$$\begin{aligned} E(t)={}& \int_{\mathbf{R}^{3}} \biggl[a \bigl\vert \nabla u(\mathbf{x},t) \bigr\vert ^{2}+\frac{\beta}{2} \bigl\vert u(\mathbf{x},t) \bigr\vert ^{4} +v(\mathbf{x}) \bigl\vert u(\mathbf{x},t) \bigr\vert ^{2} \biggr] \,\mathrm{d}\mathbf{x}, \\ ={}& \int_{\mathbf{R}^{3}} \biggl[a \bigl\vert \nabla u(\mathbf{x},0) \bigr\vert ^{2}+\frac{\beta}{2} \bigl\vert u(\mathbf{x},0) \bigr\vert ^{4} +v(\mathbf{x}) \bigl\vert u(\mathbf{x},0) \bigr\vert ^{2} \biggr] \,\mathrm{d}\mathbf {x}=E(0). \end{aligned}$$
    (4.2)

The above conservation laws (4.1) and (4.2) are approximated by

$$\begin{aligned} h^{3}\sum_{jkl} \bigl\vert u_{jkl}^{n+1} \bigr\vert ^{2}=h^{3}\sum _{jkl} \bigl\vert u_{jkl}^{n} \bigr\vert ^{2} \end{aligned}$$
(4.3)

and

$$\begin{aligned} &h^{3}\sum_{jkl} \biggl(a \biggl\vert \frac {u_{j+1,kl}^{n+1}-u_{j-1,kl}^{n+1}}{2h} \biggr\vert ^{2}+ a \biggl\vert \frac{u_{j,k+1,l}^{n+1}-u_{j,k-1,l}^{n+1}}{2h} \biggr\vert ^{2} \\ &\qquad{}+a \biggl\vert \frac{u_{jk,l+1}^{n+1}-u_{jk,l-1}^{n+1}}{2h} \biggr\vert ^{2}+ \frac {\beta}{2} \bigl\vert u_{jkl}^{n+1} \bigr\vert ^{4} +v_{jkl} \bigl\vert u_{jkl}^{n+1} \bigr\vert ^{2} \biggr) \\ &\quad =h^{3}\sum_{jkl} \biggl(a \biggl\vert \frac {u_{j+1,kl}^{n}-u_{j-1,kl}^{n}}{2h} \biggr\vert ^{2}+ a \biggl\vert \frac{u_{j,k+1,l}^{n}-u_{j,k-1,l}^{n}}{2h} \biggr\vert ^{2} \\ &\qquad{}+a \biggl\vert \frac{u_{jk,l+1}^{n}-u_{jk,l-1}^{n}}{2h} \biggr\vert ^{2}+ \frac{\beta }{2} \bigl\vert u_{jkl}^{n} \bigr\vert ^{4}+ v_{jkl} \bigl\vert u_{jkl}^{n} \bigr\vert ^{2} \biggr), \end{aligned}$$
(4.4)

which will be used to verify the conservation laws of our scheme numerically.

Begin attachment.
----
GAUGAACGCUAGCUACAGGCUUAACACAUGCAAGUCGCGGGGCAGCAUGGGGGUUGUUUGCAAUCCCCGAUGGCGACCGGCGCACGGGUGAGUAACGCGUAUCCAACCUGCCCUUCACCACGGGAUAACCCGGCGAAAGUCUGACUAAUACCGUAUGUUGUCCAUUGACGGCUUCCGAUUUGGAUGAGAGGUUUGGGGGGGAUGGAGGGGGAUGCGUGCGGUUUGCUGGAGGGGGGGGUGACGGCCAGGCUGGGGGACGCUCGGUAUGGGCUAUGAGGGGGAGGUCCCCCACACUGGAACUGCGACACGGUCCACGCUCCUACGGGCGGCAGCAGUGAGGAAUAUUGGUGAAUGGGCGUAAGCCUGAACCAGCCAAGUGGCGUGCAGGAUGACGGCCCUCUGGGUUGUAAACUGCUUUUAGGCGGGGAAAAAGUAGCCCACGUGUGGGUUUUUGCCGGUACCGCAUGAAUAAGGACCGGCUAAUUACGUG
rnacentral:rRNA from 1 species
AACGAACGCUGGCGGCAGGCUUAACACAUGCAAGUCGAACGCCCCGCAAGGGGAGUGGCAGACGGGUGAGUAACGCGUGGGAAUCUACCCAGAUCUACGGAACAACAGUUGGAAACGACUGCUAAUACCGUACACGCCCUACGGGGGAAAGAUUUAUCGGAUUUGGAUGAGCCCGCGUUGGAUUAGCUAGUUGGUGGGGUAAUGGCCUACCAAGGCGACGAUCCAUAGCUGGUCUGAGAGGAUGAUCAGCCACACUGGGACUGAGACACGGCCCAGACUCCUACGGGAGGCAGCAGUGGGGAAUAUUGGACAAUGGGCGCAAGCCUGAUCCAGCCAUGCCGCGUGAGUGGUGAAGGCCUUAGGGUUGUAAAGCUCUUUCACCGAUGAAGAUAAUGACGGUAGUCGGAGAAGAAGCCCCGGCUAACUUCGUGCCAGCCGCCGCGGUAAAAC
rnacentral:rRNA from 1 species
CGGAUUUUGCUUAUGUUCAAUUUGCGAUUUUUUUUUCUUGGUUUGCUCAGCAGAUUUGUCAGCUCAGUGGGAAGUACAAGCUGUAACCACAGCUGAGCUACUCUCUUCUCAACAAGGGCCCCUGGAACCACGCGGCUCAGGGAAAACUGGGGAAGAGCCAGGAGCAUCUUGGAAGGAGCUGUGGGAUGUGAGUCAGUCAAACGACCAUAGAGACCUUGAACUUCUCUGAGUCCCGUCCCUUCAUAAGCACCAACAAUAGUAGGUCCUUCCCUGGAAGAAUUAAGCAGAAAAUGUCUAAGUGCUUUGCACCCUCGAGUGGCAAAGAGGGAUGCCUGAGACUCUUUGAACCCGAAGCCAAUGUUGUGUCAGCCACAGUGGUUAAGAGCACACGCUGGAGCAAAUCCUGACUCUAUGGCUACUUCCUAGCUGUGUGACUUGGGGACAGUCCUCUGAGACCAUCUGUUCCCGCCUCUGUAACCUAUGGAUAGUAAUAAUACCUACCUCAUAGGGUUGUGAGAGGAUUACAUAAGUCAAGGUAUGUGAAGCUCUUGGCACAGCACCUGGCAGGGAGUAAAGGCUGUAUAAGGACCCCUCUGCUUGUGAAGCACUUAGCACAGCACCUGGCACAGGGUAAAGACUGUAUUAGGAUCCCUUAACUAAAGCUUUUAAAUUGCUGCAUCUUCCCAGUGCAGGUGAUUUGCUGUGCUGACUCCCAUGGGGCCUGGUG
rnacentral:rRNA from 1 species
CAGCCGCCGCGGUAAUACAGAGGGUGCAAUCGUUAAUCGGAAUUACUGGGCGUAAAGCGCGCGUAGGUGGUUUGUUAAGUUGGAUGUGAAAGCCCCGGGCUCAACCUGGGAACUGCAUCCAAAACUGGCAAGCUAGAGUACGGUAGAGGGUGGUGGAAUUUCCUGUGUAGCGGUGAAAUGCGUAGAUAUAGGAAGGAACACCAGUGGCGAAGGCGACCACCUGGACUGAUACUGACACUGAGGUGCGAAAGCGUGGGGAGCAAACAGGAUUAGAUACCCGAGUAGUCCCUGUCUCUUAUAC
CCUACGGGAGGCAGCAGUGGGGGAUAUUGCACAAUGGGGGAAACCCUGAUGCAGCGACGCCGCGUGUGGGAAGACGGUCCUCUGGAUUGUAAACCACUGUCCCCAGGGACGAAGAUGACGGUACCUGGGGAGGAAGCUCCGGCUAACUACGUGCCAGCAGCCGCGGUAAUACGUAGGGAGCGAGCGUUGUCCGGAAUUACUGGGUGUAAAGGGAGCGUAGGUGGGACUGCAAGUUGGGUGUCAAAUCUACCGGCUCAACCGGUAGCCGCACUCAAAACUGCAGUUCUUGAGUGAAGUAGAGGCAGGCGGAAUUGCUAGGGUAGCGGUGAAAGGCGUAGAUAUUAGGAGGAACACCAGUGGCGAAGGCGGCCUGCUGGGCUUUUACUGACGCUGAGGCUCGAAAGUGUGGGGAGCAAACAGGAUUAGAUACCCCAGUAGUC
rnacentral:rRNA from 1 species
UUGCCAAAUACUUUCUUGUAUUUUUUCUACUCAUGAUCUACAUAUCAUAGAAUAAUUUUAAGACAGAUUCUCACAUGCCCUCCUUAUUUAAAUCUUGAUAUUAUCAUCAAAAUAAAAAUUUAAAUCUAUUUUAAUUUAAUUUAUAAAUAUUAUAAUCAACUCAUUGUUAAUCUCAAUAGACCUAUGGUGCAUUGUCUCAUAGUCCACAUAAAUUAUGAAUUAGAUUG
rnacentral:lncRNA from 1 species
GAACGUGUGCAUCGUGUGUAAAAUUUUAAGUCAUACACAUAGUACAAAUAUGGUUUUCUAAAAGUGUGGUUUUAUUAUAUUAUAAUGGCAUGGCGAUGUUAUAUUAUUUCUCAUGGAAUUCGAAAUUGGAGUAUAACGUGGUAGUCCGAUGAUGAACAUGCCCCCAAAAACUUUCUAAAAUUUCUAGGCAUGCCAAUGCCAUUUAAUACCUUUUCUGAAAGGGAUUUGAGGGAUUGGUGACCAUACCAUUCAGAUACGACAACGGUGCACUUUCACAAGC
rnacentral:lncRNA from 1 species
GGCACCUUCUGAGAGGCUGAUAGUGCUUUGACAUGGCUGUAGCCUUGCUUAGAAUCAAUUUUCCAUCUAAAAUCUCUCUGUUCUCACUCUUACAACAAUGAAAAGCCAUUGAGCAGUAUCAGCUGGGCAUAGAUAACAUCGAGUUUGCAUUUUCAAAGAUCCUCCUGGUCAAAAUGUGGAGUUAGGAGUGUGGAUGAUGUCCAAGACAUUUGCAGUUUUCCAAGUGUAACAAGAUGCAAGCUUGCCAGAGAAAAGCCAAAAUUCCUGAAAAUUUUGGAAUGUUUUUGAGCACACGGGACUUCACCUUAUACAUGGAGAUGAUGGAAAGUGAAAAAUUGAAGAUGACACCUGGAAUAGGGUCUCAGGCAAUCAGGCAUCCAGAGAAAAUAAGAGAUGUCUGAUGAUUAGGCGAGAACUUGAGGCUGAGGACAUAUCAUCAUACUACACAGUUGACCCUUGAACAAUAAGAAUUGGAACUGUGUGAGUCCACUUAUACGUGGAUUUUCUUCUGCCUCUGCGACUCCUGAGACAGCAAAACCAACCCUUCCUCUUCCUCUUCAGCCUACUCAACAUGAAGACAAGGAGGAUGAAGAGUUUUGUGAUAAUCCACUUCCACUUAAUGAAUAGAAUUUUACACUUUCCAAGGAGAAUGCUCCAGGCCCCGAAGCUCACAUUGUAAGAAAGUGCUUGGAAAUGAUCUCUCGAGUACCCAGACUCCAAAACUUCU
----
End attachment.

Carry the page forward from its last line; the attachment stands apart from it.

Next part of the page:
Example 1

(3D LS equation)

We consider (2.1) with parameters \(a=1\) and the initial condition

$$\begin{aligned} &i\frac{\partial u}{\partial t}+u_{xx}+u_{yy}+u_{zz}=0,\quad (x,y,z)\in [0,2\pi]^{3}, t\in(0,T], \\ &u_{0}(x,y,z)=\sin x\sin y\sin z. \end{aligned}$$

The exact solution is given by \(u_{\mathrm{exact}}(x,y,z,t)=\sin x\sin y\sin z\exp(-i3t)\).

We are now applying the D-G ADI scheme (2.6a)–(2.6d) and the new HOC-ADI scheme (2.10a)–(2.10d) to solve this example. Table 1 gives the maximum of numerical errors \(|u_{\mathrm{exact}}(x,y,z,t)-u_{\mathrm{approx}}(x,y,z,t)|\), orders, and CPU times of the two methods. Table 2 shows the maximum of numerical errors until time \(T=4\) using two methods. Figure 1 shows the contour plot of exact solution and numerical solutions by the D-G ADI scheme and the new HOC-ADI scheme in the \(x-y\) plane at \(T=0.01\), \(z=0.5\) with \(N=100\) and \(M=20\). Figure 2 gives relative errors for the two methods, where \(\tau=0.005, h=2\pi/25\). The relative errors are defined by

$$\text{Relative Error}=\frac{ \Vert u_{\mathrm{exact}}(x,y,z,t)-u_{\mathrm{approx}}(x,y,z,t) \Vert _{\infty}}{ \Vert u_{\mathrm{exact}}(x,y,z,t) \Vert _{\infty}}. $$

In Fig. 3, we use the two methods to investigate the discrete mass and energy conservation errors for Example 1, where \(\tau=0.005, h=2\pi/25\). The errors are measured by

$$\text{Error of }Q(t)=Q^{n}-Q^{o},\qquad \text{Error of }E(t)=E^{n}-E^{o}. $$

The results in Table 1, Table 2, and Fig. 1 show that the new HOC-ADI scheme is more accurate than the D-G ADI scheme, and the new HOC-ADI scheme and D-G ADI scheme have the order \(O(\tau^{2}+h^{4})\) and \(O(\tau^{2}+h^{2})\), respectively. From Fig. 3 we can observe that two schemes for this linear problem preserve the mass and energy conservation.

Figure 1
figure1

The contour plot of exact solution and numerical solutions to Example 1 at \(T=0.01\), \(z=0.5\) with \(N=100\) and \(M=20\). Left panel for real part and right panel for imaginary part correspond to the exact solution, solutions by the D-G ADI scheme, and solutions by the new HOC-ADI scheme, respectively)

Figure 2
figure2